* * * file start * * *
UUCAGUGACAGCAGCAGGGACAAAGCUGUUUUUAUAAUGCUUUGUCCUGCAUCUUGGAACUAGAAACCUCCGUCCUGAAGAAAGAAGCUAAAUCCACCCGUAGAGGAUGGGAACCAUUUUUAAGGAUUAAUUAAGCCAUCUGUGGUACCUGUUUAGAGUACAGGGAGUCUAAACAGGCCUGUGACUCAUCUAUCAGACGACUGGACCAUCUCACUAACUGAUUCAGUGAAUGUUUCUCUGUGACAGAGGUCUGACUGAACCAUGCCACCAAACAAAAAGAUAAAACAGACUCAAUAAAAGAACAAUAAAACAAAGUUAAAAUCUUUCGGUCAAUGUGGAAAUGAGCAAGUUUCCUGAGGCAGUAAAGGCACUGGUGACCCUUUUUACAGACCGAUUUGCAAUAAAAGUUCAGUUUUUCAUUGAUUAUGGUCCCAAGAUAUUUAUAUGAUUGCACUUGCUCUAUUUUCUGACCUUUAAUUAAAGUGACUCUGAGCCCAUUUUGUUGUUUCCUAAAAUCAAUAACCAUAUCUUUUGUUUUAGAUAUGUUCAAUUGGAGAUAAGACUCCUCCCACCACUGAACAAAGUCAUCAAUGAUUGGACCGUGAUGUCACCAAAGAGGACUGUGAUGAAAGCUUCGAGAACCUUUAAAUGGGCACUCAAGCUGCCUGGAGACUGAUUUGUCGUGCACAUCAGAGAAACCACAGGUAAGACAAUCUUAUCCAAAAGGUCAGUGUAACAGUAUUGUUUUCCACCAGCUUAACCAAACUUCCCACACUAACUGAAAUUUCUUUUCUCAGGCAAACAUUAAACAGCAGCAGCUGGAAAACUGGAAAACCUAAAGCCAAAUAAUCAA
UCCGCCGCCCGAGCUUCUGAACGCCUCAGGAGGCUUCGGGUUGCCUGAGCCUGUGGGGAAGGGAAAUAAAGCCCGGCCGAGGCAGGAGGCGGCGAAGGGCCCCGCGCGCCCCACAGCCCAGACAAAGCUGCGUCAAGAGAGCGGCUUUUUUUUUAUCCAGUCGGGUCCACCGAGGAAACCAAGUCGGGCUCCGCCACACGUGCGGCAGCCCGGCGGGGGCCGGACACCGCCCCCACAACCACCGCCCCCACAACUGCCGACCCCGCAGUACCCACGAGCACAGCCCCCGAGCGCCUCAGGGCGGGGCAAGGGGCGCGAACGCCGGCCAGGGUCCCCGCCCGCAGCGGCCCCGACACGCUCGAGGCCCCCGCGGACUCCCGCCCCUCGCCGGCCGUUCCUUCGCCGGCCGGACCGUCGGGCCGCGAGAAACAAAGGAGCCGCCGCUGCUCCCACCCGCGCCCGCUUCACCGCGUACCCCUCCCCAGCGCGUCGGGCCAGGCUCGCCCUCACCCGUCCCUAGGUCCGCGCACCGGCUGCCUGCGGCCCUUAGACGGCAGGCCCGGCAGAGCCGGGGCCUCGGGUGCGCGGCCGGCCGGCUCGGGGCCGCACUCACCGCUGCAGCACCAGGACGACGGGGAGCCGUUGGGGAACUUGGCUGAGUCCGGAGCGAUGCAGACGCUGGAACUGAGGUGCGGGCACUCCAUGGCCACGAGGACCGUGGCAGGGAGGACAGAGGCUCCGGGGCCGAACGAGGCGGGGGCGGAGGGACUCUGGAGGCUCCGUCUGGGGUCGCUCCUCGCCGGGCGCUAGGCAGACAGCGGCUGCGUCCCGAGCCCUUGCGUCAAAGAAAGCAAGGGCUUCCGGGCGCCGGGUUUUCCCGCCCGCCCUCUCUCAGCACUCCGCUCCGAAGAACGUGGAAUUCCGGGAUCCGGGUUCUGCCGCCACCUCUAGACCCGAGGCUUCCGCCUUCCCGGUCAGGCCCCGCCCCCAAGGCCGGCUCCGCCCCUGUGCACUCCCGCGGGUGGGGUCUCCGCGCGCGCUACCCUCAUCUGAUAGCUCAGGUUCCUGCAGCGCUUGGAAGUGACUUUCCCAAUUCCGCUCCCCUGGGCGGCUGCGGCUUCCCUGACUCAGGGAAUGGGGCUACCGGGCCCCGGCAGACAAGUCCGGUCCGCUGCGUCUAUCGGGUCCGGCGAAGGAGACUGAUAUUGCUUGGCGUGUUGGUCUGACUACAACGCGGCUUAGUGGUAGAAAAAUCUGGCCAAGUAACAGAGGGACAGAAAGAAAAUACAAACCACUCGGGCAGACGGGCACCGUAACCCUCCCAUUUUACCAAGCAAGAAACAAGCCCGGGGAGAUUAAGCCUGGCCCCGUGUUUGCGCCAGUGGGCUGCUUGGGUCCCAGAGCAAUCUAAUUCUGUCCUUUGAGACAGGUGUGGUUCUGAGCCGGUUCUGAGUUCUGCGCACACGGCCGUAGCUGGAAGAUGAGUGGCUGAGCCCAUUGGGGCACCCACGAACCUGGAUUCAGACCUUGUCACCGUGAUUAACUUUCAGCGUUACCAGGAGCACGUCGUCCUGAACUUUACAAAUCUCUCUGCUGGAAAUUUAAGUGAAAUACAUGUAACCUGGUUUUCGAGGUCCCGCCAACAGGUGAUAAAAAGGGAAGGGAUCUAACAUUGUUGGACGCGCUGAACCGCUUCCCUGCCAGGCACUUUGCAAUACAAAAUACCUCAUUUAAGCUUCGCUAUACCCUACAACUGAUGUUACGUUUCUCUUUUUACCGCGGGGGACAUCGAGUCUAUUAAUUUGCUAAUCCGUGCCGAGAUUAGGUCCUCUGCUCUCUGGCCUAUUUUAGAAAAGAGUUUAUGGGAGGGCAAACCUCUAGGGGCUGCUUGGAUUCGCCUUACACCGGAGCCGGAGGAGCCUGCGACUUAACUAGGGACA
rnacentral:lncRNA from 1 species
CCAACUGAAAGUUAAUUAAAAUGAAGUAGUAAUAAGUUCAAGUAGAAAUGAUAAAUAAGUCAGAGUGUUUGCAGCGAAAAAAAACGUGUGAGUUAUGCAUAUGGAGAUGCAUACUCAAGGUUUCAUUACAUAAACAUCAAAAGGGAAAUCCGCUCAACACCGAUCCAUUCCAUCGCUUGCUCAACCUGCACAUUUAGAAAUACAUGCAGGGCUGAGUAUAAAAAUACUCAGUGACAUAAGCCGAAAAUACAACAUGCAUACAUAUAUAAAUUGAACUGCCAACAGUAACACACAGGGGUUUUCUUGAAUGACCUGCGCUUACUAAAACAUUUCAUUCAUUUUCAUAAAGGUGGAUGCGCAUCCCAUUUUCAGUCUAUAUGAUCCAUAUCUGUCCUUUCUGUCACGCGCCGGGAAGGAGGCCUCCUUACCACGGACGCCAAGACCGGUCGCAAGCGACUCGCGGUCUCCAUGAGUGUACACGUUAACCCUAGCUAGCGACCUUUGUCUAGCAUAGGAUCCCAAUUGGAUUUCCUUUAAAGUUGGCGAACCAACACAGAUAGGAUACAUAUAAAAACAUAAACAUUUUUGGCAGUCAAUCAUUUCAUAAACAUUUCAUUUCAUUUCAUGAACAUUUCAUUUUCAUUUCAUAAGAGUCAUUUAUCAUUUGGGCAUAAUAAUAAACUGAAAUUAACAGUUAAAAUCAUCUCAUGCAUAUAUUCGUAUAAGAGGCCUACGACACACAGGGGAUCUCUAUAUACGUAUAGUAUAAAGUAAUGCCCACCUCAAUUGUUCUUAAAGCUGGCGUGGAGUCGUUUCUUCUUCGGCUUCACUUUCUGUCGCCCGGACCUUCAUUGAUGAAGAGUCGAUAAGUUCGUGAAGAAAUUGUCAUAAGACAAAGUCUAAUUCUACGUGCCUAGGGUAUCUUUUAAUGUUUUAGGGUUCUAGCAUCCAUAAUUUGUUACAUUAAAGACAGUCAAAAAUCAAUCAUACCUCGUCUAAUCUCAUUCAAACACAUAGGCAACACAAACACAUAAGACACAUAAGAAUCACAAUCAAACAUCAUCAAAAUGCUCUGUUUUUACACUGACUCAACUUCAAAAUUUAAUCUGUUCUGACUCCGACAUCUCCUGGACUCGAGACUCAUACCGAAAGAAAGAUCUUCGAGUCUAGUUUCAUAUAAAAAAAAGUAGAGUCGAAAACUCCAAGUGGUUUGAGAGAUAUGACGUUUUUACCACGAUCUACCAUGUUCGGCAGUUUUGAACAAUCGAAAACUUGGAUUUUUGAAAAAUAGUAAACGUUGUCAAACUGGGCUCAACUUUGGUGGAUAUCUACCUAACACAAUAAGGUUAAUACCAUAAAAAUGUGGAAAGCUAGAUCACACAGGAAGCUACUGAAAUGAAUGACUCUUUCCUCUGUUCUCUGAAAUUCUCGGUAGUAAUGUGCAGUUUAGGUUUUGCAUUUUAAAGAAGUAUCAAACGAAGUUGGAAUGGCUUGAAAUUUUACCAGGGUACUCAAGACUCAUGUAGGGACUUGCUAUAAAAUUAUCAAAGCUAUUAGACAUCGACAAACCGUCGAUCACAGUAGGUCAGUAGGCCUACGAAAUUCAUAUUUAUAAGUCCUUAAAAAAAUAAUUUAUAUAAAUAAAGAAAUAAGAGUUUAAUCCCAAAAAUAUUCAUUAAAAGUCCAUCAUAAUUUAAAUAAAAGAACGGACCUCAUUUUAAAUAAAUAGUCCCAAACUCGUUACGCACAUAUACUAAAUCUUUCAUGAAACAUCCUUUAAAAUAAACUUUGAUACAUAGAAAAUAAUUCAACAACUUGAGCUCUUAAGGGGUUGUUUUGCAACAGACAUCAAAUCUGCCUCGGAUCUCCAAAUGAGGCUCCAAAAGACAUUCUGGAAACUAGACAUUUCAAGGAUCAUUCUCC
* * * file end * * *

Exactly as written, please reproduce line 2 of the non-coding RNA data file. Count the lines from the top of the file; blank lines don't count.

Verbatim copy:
UCCGCCGCCCGAGCUUCUGAACGCCUCAGGAGGCUUCGGGUUGCCUGAGCCUGUGGGGAAGGGAAAUAAAGCCCGGCCGAGGCAGGAGGCGGCGAAGGGCCCCGCGCGCCCCACAGCCCAGACAAAGCUGCGUCAAGAGAGCGGCUUUUUUUUUAUCCAGUCGGGUCCACCGAGGAAACCAAGUCGGGCUCCGCCACACGUGCGGCAGCCCGGCGGGGGCCGGACACCGCCCCCACAACCACCGCCCCCACAACUGCCGACCCCGCAGUACCCACGAGCACAGCCCCCGAGCGCCUCAGGGCGGGGCAAGGGGCGCGAACGCCGGCCAGGGUCCCCGCCCGCAGCGGCCCCGACACGCUCGAGGCCCCCGCGGACUCCCGCCCCUCGCCGGCCGUUCCUUCGCCGGCCGGACCGUCGGGCCGCGAGAAACAAAGGAGCCGCCGCUGCUCCCACCCGCGCCCGCUUCACCGCGUACCCCUCCCCAGCGCGUCGGGCCAGGCUCGCCCUCACCCGUCCCUAGGUCCGCGCACCGGCUGCCUGCGGCCCUUAGACGGCAGGCCCGGCAGAGCCGGGGCCUCGGGUGCGCGGCCGGCCGGCUCGGGGCCGCACUCACCGCUGCAGCACCAGGACGACGGGGAGCCGUUGGGGAACUUGGCUGAGUCCGGAGCGAUGCAGACGCUGGAACUGAGGUGCGGGCACUCCAUGGCCACGAGGACCGUGGCAGGGAGGACAGAGGCUCCGGGGCCGAACGAGGCGGGGGCGGAGGGACUCUGGAGGCUCCGUCUGGGGUCGCUCCUCGCCGGGCGCUAGGCAGACAGCGGCUGCGUCCCGAGCCCUUGCGUCAAAGAAAGCAAGGGCUUCCGGGCGCCGGGUUUUCCCGCCCGCCCUCUCUCAGCACUCCGCUCCGAAGAACGUGGAAUUCCGGGAUCCGGGUUCUGCCGCCACCUCUAGACCCGAGGCUUCCGCCUUCCCGGUCAGGCCCCGCCCCCAAGGCCGGCUCCGCCCCUGUGCACUCCCGCGGGUGGGGUCUCCGCGCGCGCUACCCUCAUCUGAUAGCUCAGGUUCCUGCAGCGCUUGGAAGUGACUUUCCCAAUUCCGCUCCCCUGGGCGGCUGCGGCUUCCCUGACUCAGGGAAUGGGGCUACCGGGCCCCGGCAGACAAGUCCGGUCCGCUGCGUCUAUCGGGUCCGGCGAAGGAGACUGAUAUUGCUUGGCGUGUUGGUCUGACUACAACGCGGCUUAGUGGUAGAAAAAUCUGGCCAAGUAACAGAGGGACAGAAAGAAAAUACAAACCACUCGGGCAGACGGGCACCGUAACCCUCCCAUUUUACCAAGCAAGAAACAAGCCCGGGGAGAUUAAGCCUGGCCCCGUGUUUGCGCCAGUGGGCUGCUUGGGUCCCAGAGCAAUCUAAUUCUGUCCUUUGAGACAGGUGUGGUUCUGAGCCGGUUCUGAGUUCUGCGCACACGGCCGUAGCUGGAAGAUGAGUGGCUGAGCCCAUUGGGGCACCCACGAACCUGGAUUCAGACCUUGUCACCGUGAUUAACUUUCAGCGUUACCAGGAGCACGUCGUCCUGAACUUUACAAAUCUCUCUGCUGGAAAUUUAAGUGAAAUACAUGUAACCUGGUUUUCGAGGUCCCGCCAACAGGUGAUAAAAAGGGAAGGGAUCUAACAUUGUUGGACGCGCUGAACCGCUUCCCUGCCAGGCACUUUGCAAUACAAAAUACCUCAUUUAAGCUUCGCUAUACCCUACAACUGAUGUUACGUUUCUCUUUUUACCGCGGGGGACAUCGAGUCUAUUAAUUUGCUAAUCCGUGCCGAGAUUAGGUCCUCUGCUCUCUGGCCUAUUUUAGAAAAGAGUUUAUGGGAGGGCAAACCUCUAGGGGCUGCUUGGAUUCGCCUUACACCGGAGCCGGAGGAGCCUGCGACUUAACUAGGGACA